Clearly, a temporary place of business (such as my van in the Grande Place in Brussels) is not a fixed place of business, and generally it is considered that anywhere which has a duration of less than six months could not be considered a fixed place of business. And the most important point is whether I have a right to use premises, even if they are indeed fixed and exist for more than six months. Thus I must either own, rent or otherwise have premises available to me as a result of a legal right. So if I had signed up with the Belgian authorities to occupy a stall for 12 months, even if I am only physically in Belgium for one or two months, I would have the legal right to use fixed premises at a specific location for a certain duration, and this is where my business is carried on. Ergo, a permanent establishment (taxable presence) would exist.
Turning first to the issue of whether a property development is in itself a permanent establishment. In fact, the UK tax authorities have taken this line in specific cases where double tax treaty permanent establishment provisions are relevant. These cases relate to non-resident owners of real estate that have entered into contracts with local builders to develop land with the intention ultimately either to rent the completed development or to sell it.
HMRC regard the non-resident companies as trading in the UK, and this in undeniable. The question is whether there is a permanent establishment in place. All the normal arguments that could be raised by HMRC are not relevant in these cases, i.e. the independent contractors are not dependent agents since they enter into contracts with many non-related owners as part of their ordinary business, and there is no other dependent agent in the UK which could create a permanent establishment. So we have to go back to the basics as above.
The business of the property owner is to develop property, but this is carried on through its fixed place of business in its country of residence, not in the UK. Certainly part of the business will be carried on at the property itself, but not through where the property is located. Indeed, the legal right to occupy the land is contractually held by the independent contractors until completion, and the real estate owner has no right to use the land for any business purposes until the development has been completed. Thus it cannot be denied that the business is property development but it is not carried on by the non-resident company through the site in the UK, it is merely the object of the business activity.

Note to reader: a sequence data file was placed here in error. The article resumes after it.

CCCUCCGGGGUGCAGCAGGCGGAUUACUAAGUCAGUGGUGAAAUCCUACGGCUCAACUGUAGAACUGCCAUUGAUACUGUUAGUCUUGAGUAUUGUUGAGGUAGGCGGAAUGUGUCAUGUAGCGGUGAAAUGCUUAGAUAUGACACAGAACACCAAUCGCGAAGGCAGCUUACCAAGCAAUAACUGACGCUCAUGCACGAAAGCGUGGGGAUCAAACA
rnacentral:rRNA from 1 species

Further arguments relate to the question of who owns the physical assets that serve as the basis for the business activity. In this case, the cranes, scaffolding, materials and of course personnel, are all “owned, rented or otherwise at the disposal” of the independent contractor, not the real estate owner. The business activity is development, using all of these physical assets, and therefore it is the business of the independent contractor that is carried on at the physical location, not the business of the real estate owner that is carried on through that fixed place of business.
E-commerce and servers
The case of a server in e-commerce has similar fundamentals. The business of e-commerce may be conducted by an entity in a jurisdiction in which no servers are located. These may be the premises where the entity is located through which the e-commerce activity is carried on, but is there an argument that the activity is also carried on where the servers are located? I agree to this, much like the Grande Place is where the sales of my brussels sprouts take place. However, the fundamentals require us to ask the following questions:
Is there a physical location for the servers? The answer is yes, and is this fixed? Again the answer is yes.
Does the e-commerce trading entity own the physical assets that serve as a basis for the business activity i.e. the servers? If the answer is no, then does the entity have a legal right to enter the premises and use the physical assets?